Column: Calm climate hysteria
On July 18, the House passed the Ozone Standards Implementation Act of 2017, which instructs the Environmental Protection Agency to delay implementing a microscopic and expensive adjustment to national air quality standards promulgated by the Obama-era EPA. Democrats, environmental groups and their loyal allies in the legacy media predictably reacted as if the world was coming to an end. To paraphrase Churchill, never in the course of human events has so much hysteria been generated by so many over so little.
Worrying about trivialities such as a 5 parts per billion reduction in an air quality standard is one of those “rich people problems” that should embarrass us as a nation. The healthier and wealthier the society, the worse it is at making reasonable risk/benefit assessments, and many Americans have become neurotic over these minute changes.
This is true in both the private sector and the public sector. We are, after all, a nation with among the cleanest public drinking water systems in the world. There are dozens of developing nations where people would weep tears of joy if the toxic soup they consume on a day-to-day basis were replaced with water meeting our exacting quality standards. Yet, there are companies who sell water filtration products to gullible consumers whom the manufacturers have convinced that reducing a teensy-tiny amount of a particular contaminant to a somewhat teensier-tinier amount is somehow not only desirable, but necessary.
And so it goes with EPA’s ambient air ozone standard. Ozone, commonly referred to as smog, has been linked to asthma and other lung-related issues. At high enough concentrations, ozone can certainly cause massive problems, but “high enough” is the point in dispute. A 16th century Swiss physician famously observed that “the dose makes the poison.” For example, you absolutely need sodium in your bloodstream to live, but ingesting too much sodium for too long can kill you.
What do we know about ozone and what concentrations are dangerous to humans? As ozone concentrations have consistently dropped around the nation over the past four decades, asthma rates have consistently climbed. Correlation doesn’t necessarily equate to causation, but there’s not even correlation here. Of course, that hasn’t stopped environmental groups, the legacy media, Democrats, and even some Republicans from continuing to claim current ozone concentrations and asthma rates are somehow linked.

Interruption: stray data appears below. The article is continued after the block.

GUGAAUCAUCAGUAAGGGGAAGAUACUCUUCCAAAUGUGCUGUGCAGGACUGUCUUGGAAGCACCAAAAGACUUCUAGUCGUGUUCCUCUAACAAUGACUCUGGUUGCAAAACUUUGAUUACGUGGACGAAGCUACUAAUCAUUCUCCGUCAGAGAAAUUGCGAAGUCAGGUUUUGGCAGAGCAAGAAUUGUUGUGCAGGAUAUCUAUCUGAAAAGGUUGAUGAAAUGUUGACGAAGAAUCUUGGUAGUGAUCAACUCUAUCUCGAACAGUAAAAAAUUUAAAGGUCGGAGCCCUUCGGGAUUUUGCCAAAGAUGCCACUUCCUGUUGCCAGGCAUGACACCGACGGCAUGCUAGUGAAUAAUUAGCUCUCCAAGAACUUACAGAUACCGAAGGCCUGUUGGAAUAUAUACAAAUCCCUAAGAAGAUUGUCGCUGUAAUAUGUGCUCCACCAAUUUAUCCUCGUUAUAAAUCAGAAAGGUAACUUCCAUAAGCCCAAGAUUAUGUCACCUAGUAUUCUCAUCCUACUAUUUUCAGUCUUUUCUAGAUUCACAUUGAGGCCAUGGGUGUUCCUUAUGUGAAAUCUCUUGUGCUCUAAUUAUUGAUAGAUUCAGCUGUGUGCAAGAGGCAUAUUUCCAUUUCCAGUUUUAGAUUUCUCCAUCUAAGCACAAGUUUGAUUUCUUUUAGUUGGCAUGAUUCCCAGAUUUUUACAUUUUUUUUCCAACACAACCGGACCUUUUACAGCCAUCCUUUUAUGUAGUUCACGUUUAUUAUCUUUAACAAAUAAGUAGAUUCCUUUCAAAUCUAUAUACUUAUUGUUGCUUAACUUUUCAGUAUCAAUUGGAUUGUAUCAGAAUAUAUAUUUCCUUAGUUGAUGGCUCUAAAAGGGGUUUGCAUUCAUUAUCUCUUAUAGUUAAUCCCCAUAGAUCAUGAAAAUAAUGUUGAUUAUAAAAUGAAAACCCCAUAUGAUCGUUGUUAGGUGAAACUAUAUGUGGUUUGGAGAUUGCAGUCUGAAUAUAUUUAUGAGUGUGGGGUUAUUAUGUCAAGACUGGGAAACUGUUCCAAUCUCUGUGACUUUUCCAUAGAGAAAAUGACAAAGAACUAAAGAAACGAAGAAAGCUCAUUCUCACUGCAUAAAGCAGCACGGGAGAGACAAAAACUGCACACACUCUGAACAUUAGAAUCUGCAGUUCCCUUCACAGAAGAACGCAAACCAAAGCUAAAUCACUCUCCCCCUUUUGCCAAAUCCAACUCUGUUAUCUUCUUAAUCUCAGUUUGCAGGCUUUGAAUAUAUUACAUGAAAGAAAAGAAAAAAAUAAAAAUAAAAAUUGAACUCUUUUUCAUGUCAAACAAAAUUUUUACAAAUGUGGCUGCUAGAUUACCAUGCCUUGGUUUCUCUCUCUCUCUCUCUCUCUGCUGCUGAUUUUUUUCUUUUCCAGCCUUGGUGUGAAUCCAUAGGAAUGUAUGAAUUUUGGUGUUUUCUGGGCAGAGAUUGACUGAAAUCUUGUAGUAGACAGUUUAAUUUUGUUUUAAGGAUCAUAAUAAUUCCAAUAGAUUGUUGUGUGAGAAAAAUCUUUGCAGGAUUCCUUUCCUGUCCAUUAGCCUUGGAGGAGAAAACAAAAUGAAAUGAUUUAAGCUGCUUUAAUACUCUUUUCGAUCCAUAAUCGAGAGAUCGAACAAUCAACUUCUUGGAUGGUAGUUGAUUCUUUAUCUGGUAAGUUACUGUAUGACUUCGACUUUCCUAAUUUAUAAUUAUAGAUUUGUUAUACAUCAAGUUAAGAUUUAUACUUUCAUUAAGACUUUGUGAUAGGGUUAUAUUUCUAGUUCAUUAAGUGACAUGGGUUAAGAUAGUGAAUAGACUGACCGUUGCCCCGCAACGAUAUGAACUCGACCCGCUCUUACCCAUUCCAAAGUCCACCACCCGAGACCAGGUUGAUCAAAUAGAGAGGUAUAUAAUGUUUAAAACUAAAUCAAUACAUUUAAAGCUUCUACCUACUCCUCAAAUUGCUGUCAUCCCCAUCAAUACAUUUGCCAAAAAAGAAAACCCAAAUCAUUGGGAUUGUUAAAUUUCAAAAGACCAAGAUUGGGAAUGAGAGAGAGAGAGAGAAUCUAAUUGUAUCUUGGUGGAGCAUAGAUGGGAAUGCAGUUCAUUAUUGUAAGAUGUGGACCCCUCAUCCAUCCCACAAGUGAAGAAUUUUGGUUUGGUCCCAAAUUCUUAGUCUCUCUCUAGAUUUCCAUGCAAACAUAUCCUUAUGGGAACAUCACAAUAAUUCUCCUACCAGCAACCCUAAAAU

We also know the allowable ambient air concentrations of ozone have been reduced twice. They were first reduced under President Bill Clinton in the 1990s, from 120 ppb (one-hour average) to 80 ppb (eight-hour average). They were decreased again under President George W. Bush, to 75 ppb (eight-eight hour average). Then President Barack Obama’s grossly biased scientific advisory panel recommended a further reduction, anywhere from 60 ppb to 70 ppb. Obama chose 70 ppb.
If tiny reductions in ozone concentrations have so many benefits, as environmental groups claim, why didn’t the president choose 60 ppb, the lowest number possible? Lowering the standard to 60 ppb would have negatively affected so many counties across the nation with detrimental economic consequences that the change would have been wildly unpopular. Choosing 70 ppb was politically savvy; that standard would still be expensive to adhere to, but not catastrophically so, and it would still be make virtually no difference in people’s lives, but it provided Obama with the opportunity to throw a tasty bone to his green supporters.
Democrats have labeled the Republican effort to delay this latest, infinitesimal reduction in the ozone standard “The Smoggy Skies Act,” proving they have no greater interest in trying to evaluate risk and reward in the real world than they do about considering the value of scientists and scientific data that doesn’t fit their “climate change” agenda.
Rich Trzupek is a chemist who has been employed as an environmental consultant to industry for more than 25 years. He is a policy adviser to The Heartland Institute, a free-market think tank based Illinois.